5 everyday technologies inspired by sci-fi

October 8, 2012 by Joel Willans

Sci-fi is more than just a popular genre of fiction. It can also give an amazingly accurate insight into the future.

Science fiction isn't all phalanxes of tentacled aliens and star ship battles. In fact, from the creative brains of science-fiction writers and directors have come some of the 21st century's most important technologies. Engineers, it seems, sometimes need the imaginative spark of the non-scientist to germinate an idea.


Take lasers. We use them in DVDs, eye surgery, forensic fingerprinting, printers, hair removal, industrial processes and weapons; they're a staple of modern science. Einstein wrote about  in 1917, but way back in 1898, science-fiction author HG Wells described a familiar-sounding 'heat-ray' in War Of The Worlds. What's more, in 1925, Russian writer Mikhail Bulgakov wrote, in Fatal Eggs, about an intense red light that stimulated growth – long before the first experiments into laser bio-stimulation took place in the late 1960s.


Then there's Arthur C Clarke, science-fiction God, the man behind the film and book, 2001: a Space Odyssey, as well as a stack of other brilliant things, and all-round genius. Back in 1945, Clarke wrote an article for the magazine Wireless World, outlining a new idea – which turned out to be the geostationary communications satellite. So thanks to Clarke, we got long-distance phone calls and satellite television. These days, geostationary satellites allow people in very remote areas access broadband internet.


Clarke also, in Space Odyssey (1968), came up with a gadget called a newspad – a flat-panel screen that allowed its users to read Earth's newspapers from afar. or e-reader? You decide!

Debit cards

Even the humble debit-card has its roots in . In 1888, Edward Bellamy published Looking Backward, a novel that described 'a piece of pasteboard' that corresponded with the monetary holdings of its owner and was accepted by shop-clerks in lieu of cash.


Finally, smartphones aren't light-years away from the handheld communicators that used to wow us geeks on Star Trek. These devices certainly inspired mobile phone developers to create clamshell designs like the Nokia 7200. While the locator functions on Star Trek communicators are also very similar to smartphone mapping software we all take for granted. And if this wasn't proof enough of Star Trek's influence, in 2009, Nokia actually designed a mobile phone prototype to exactly resemble the communicator. Sadly, for us Trekkies it never made it to market.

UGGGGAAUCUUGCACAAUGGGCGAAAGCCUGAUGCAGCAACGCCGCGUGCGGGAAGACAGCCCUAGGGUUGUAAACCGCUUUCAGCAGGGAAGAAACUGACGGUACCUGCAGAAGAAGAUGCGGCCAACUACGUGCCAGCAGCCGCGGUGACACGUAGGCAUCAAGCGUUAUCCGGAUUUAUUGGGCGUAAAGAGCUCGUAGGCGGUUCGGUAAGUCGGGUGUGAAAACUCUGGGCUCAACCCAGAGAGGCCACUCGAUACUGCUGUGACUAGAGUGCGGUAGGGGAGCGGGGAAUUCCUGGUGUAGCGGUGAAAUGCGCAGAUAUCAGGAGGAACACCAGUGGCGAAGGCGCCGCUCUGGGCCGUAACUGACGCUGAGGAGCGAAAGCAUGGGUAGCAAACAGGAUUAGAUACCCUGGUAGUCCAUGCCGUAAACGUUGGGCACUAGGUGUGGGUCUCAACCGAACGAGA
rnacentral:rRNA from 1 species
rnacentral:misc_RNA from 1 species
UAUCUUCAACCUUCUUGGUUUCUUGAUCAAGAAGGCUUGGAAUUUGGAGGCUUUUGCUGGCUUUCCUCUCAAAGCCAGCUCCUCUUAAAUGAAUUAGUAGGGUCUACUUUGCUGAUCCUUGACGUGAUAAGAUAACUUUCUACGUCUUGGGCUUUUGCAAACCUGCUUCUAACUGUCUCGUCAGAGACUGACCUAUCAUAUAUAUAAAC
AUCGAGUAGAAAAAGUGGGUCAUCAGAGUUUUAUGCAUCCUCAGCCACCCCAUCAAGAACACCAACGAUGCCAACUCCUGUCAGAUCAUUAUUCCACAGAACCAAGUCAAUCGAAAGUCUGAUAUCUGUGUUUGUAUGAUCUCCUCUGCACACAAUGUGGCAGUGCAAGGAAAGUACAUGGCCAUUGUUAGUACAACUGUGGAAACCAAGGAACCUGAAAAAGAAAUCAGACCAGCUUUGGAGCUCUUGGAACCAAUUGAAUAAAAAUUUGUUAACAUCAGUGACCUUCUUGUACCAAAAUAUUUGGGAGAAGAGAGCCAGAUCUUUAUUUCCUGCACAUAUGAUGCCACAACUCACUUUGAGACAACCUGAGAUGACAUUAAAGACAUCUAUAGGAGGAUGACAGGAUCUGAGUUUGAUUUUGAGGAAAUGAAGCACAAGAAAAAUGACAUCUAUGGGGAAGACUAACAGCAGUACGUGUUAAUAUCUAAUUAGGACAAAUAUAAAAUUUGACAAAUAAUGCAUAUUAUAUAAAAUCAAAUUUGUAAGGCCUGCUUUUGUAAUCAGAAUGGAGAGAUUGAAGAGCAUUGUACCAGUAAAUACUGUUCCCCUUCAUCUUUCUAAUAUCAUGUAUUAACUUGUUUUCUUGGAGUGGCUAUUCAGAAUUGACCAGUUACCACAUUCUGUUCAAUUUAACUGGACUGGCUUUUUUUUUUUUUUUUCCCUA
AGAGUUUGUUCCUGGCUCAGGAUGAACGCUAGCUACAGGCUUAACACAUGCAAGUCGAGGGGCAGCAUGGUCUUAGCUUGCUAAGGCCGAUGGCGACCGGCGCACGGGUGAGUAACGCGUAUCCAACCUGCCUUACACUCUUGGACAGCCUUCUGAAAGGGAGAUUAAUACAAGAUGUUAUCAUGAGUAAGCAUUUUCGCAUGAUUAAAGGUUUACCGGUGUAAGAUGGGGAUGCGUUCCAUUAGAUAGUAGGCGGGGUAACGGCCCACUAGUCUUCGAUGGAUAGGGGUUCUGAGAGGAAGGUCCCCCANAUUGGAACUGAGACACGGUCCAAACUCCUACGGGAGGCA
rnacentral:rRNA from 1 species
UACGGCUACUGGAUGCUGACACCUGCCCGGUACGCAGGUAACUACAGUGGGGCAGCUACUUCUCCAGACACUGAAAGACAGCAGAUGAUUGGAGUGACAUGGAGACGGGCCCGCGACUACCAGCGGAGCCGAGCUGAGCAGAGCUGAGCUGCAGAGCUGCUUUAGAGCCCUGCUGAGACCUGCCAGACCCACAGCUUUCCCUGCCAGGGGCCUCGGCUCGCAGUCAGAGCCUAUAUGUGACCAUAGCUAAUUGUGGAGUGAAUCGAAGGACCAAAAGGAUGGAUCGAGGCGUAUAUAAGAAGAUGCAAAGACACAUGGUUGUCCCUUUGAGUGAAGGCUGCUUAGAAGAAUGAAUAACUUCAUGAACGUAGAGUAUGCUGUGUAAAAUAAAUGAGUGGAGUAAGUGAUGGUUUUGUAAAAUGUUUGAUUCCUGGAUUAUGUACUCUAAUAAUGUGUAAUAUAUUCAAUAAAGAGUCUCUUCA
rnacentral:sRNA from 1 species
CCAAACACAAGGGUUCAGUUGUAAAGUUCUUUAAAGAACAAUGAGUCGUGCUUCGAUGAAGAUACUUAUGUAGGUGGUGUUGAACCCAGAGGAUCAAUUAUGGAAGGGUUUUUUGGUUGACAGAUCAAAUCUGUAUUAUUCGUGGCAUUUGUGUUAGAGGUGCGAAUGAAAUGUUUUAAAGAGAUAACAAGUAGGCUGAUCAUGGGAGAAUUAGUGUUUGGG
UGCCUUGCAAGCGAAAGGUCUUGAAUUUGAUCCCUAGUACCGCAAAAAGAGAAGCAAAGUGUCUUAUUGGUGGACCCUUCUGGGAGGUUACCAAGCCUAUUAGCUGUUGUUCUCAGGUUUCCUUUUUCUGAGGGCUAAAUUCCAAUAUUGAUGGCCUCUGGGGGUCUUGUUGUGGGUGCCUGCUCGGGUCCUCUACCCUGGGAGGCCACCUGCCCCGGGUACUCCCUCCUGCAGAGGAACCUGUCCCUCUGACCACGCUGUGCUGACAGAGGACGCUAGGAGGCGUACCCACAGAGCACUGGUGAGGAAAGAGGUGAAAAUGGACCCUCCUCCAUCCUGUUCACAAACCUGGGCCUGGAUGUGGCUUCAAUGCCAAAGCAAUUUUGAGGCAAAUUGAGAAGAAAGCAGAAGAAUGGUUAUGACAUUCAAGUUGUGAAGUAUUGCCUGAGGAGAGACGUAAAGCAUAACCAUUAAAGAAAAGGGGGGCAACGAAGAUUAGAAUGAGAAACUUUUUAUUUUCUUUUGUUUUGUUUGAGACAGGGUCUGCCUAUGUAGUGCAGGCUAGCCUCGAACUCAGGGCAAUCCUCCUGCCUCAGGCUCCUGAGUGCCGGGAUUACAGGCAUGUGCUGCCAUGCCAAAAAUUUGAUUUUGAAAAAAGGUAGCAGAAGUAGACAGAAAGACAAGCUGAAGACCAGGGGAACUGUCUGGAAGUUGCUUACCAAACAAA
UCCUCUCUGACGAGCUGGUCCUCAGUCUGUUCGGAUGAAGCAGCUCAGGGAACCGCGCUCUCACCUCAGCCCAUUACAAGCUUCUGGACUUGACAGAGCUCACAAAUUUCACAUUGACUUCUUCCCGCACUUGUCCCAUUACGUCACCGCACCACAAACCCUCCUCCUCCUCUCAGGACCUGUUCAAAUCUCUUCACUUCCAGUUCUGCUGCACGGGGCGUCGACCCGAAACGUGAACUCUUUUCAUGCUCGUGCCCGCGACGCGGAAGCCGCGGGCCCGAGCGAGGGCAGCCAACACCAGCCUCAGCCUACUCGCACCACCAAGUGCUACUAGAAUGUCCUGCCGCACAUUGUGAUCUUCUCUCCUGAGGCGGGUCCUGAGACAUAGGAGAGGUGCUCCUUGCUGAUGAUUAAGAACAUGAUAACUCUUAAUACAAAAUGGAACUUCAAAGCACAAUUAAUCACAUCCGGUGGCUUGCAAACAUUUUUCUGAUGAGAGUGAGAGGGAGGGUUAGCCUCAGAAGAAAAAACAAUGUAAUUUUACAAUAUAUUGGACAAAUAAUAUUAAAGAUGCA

Explore further: NASA: Arthur C. Clarke will be missed

Related Stories

NASA: Arthur C. Clarke will be missed

March 19, 2008

The National Aeronautics and Space Administration issued a statement Wednesday, mourning the death of renowned scientist and author Arthur C. Clarke.

1968 Science Fiction is Today’s Reality

May 8, 2008

The futuristic epic 2001: A Space Odyssey influenced many to fall in love with the limitless possibilities of space exploration. The movie sparked imaginations and provided a realistic preview of what our future in space ...

Military develops a Star Trek-like phaser

December 1, 2005

First comic strip hero Dick Tracy's wrist radio moved from science fiction to everyday fact and now Capt. Kirk's phaser is headed to the Air Force arsenal.

Recommended for you

New method analyzes corn kernel characteristics

November 17, 2017

An ear of corn averages about 800 kernels. A traditional field method to estimate the number of kernels on the ear is to manually count the number of rows and multiply by the number of kernels in one length of the ear. With ...

Optically tunable microwave antennas for 5G applications

November 16, 2017

Multiband tunable antennas are a critical part of many communication and radar systems. New research by engineers at the University of Bristol has shown significant advances in antennas by using optically induced plasmas ...

1 comment

Adjust slider to filter visible comments by rank

Display comments: newest first

not rated yet Oct 08, 2012

Please sign in to add a comment. Registration is free, and takes less than a minute. Read more

Click here to reset your password.
Sign in to get notified via email when new comments are made.